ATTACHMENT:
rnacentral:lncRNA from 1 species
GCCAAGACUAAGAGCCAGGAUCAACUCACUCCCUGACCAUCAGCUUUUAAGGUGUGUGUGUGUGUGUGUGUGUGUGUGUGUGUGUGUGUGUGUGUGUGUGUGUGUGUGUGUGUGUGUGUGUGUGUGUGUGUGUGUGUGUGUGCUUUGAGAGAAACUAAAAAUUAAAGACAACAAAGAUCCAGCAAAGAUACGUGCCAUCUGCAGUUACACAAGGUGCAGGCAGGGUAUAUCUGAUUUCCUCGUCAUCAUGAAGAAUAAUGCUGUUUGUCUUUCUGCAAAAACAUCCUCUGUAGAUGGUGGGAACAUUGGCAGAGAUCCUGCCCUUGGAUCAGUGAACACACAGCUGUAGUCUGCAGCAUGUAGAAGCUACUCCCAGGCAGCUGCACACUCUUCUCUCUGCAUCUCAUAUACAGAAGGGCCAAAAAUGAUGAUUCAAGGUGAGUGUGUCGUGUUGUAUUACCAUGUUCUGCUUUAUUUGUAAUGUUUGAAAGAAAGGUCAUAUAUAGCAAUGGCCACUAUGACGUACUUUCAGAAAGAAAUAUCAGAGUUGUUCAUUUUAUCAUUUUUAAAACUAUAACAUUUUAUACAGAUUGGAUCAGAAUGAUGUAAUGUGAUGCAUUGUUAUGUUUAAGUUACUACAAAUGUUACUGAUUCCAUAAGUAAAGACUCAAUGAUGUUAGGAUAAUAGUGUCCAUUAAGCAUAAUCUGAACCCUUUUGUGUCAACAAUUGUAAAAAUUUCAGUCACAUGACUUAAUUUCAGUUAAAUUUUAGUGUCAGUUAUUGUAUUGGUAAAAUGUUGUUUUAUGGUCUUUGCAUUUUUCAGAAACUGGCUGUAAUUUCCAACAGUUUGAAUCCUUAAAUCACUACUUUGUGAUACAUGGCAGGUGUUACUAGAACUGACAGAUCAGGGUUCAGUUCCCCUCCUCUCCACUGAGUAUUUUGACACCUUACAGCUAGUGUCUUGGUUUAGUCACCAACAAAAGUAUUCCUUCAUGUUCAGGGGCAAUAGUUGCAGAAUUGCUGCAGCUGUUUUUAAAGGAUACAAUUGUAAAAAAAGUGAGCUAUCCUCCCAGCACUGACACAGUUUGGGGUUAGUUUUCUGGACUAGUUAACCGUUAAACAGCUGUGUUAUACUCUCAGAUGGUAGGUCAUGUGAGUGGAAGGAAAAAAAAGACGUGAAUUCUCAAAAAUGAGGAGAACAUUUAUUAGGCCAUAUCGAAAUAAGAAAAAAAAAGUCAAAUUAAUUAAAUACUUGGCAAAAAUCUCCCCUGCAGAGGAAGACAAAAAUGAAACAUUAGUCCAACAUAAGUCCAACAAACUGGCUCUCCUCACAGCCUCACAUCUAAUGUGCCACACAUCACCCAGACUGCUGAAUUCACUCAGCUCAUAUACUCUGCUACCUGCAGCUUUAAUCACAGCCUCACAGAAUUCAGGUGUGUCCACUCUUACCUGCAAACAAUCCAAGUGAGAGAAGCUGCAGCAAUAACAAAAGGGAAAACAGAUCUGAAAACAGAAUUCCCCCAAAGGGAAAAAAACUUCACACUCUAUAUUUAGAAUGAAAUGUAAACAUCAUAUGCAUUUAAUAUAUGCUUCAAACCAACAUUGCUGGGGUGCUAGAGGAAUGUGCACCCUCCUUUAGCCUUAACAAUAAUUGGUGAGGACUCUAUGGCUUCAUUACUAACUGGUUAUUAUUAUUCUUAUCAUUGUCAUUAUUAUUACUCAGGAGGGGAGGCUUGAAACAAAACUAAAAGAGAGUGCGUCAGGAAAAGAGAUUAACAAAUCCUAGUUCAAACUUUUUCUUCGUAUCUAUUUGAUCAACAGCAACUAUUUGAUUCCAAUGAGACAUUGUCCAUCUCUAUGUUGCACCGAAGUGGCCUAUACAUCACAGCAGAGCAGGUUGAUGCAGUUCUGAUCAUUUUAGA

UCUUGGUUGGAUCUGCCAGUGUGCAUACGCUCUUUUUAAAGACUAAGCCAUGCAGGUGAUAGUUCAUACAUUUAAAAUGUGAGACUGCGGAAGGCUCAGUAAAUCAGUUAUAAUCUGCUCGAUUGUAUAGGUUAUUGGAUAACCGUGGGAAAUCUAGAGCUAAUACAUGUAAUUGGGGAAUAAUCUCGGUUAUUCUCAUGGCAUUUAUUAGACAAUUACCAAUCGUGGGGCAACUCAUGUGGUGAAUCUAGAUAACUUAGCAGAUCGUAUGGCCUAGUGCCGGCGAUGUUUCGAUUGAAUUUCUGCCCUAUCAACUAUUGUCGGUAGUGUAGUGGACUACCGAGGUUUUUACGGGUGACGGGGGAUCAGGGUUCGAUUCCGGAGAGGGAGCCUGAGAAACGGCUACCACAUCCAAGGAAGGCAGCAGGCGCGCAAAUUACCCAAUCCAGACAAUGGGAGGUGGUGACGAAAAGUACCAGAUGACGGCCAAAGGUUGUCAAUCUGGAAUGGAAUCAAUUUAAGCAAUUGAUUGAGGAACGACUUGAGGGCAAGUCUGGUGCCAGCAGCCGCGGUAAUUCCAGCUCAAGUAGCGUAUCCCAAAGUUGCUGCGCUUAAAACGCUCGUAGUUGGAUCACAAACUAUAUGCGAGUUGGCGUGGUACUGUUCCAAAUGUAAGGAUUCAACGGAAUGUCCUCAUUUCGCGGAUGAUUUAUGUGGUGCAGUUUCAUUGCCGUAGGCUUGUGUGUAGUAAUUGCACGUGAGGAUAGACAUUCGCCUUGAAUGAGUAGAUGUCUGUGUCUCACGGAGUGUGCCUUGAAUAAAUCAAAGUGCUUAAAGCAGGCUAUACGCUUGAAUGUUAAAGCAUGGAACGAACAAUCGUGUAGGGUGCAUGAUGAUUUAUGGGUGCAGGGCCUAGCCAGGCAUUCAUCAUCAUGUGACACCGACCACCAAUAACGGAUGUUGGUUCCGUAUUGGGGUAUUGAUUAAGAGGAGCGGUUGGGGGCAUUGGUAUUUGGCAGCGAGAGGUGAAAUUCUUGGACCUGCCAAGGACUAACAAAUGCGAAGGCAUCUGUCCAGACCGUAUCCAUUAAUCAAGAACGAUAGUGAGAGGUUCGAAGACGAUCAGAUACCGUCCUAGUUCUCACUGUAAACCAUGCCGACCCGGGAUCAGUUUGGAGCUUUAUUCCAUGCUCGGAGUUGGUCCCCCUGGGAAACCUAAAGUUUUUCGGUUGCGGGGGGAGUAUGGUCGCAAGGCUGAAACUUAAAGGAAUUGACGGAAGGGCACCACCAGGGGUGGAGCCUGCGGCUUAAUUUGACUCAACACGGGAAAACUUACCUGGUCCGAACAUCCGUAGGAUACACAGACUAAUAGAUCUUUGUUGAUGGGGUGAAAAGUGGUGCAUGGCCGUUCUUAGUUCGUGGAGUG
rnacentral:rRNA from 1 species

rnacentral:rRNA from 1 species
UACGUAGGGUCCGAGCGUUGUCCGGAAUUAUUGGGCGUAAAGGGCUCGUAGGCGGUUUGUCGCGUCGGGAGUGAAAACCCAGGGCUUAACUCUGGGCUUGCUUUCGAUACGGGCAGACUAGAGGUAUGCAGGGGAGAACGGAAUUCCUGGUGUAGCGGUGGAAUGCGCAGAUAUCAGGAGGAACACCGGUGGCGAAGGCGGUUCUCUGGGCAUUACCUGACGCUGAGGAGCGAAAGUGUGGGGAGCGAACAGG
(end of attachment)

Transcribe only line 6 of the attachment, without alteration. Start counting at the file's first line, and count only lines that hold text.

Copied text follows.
UACGUAGGGUCCGAGCGUUGUCCGGAAUUAUUGGGCGUAAAGGGCUCGUAGGCGGUUUGUCGCGUCGGGAGUGAAAACCCAGGGCUUAACUCUGGGCUUGCUUUCGAUACGGGCAGACUAGAGGUAUGCAGGGGAGAACGGAAUUCCUGGUGUAGCGGUGGAAUGCGCAGAUAUCAGGAGGAACACCGGUGGCGAAGGCGGUUCUCUGGGCAUUACCUGACGCUGAGGAGCGAAAGUGUGGGGAGCGAACAGG